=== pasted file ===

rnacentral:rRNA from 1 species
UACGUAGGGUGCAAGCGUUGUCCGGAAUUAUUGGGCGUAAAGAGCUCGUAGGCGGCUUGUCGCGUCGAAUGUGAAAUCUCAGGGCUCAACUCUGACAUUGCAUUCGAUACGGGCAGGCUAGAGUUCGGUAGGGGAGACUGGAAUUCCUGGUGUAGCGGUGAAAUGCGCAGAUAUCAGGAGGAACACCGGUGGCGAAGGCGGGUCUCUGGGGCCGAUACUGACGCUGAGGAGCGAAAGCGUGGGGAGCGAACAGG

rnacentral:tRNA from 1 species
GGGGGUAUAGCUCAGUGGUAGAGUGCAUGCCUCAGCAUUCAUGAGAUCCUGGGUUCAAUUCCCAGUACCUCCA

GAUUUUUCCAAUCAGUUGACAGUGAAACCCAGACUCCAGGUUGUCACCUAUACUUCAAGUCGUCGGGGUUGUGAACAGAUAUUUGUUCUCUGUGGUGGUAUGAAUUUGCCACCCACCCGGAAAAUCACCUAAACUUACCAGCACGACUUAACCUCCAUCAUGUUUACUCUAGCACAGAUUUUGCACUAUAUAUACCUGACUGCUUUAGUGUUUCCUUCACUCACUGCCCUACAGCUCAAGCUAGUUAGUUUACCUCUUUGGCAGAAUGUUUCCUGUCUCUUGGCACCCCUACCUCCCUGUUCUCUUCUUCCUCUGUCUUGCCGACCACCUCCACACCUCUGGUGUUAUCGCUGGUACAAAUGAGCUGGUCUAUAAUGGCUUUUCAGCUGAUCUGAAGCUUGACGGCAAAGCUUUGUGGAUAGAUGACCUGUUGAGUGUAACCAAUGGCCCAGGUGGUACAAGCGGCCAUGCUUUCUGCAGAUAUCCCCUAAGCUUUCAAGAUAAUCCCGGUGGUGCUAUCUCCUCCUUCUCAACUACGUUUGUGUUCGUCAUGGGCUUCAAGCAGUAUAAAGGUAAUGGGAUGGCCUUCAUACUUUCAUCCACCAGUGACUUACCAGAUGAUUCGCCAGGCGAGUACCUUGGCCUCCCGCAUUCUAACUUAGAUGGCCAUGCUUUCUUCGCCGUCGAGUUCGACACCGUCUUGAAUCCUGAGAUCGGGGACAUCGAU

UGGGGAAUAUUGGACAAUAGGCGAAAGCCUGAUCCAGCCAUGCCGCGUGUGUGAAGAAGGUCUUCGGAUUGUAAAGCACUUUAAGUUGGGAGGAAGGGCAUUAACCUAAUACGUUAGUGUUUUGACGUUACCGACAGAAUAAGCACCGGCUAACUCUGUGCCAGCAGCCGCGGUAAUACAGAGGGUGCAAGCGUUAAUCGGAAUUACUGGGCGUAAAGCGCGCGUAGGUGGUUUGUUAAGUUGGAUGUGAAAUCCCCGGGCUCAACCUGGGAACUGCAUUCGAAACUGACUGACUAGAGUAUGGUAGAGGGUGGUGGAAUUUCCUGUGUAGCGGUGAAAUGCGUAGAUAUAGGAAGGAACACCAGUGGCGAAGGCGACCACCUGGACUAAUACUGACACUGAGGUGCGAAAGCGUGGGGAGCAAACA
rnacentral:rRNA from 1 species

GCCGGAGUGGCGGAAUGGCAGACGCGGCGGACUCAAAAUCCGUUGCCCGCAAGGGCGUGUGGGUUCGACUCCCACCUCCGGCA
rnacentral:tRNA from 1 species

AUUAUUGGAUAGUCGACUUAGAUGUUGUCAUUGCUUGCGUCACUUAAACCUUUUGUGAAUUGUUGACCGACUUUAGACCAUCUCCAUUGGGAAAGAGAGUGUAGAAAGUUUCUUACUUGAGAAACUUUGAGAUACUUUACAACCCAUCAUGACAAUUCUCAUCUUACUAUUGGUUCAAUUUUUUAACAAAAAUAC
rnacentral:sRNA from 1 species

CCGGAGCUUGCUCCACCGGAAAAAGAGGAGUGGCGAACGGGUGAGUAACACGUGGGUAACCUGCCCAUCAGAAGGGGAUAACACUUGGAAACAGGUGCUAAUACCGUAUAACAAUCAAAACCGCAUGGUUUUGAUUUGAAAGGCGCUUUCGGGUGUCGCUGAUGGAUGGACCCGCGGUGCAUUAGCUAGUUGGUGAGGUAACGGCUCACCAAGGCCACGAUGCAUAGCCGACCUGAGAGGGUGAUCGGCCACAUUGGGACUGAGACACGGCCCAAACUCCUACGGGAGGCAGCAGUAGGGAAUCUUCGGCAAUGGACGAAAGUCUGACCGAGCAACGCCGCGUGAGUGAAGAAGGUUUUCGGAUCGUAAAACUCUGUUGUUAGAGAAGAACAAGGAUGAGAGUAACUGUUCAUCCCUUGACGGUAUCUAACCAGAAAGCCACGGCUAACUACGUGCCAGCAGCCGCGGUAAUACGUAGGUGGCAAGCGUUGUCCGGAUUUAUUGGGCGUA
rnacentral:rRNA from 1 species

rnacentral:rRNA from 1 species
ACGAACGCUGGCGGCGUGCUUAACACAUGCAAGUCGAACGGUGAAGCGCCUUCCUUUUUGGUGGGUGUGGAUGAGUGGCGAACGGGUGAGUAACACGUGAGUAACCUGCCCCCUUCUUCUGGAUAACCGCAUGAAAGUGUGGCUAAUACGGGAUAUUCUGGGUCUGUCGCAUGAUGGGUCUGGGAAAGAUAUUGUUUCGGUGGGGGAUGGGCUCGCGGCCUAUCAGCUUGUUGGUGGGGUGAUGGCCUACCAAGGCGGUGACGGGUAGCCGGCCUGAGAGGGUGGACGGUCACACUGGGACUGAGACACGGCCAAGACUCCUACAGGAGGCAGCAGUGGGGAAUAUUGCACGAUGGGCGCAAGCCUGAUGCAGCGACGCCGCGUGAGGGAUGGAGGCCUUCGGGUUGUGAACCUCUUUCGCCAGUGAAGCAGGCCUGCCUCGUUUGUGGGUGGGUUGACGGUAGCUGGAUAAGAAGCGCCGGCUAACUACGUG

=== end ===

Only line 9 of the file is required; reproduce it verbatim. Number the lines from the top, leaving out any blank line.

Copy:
rnacentral:tRNA from 1 species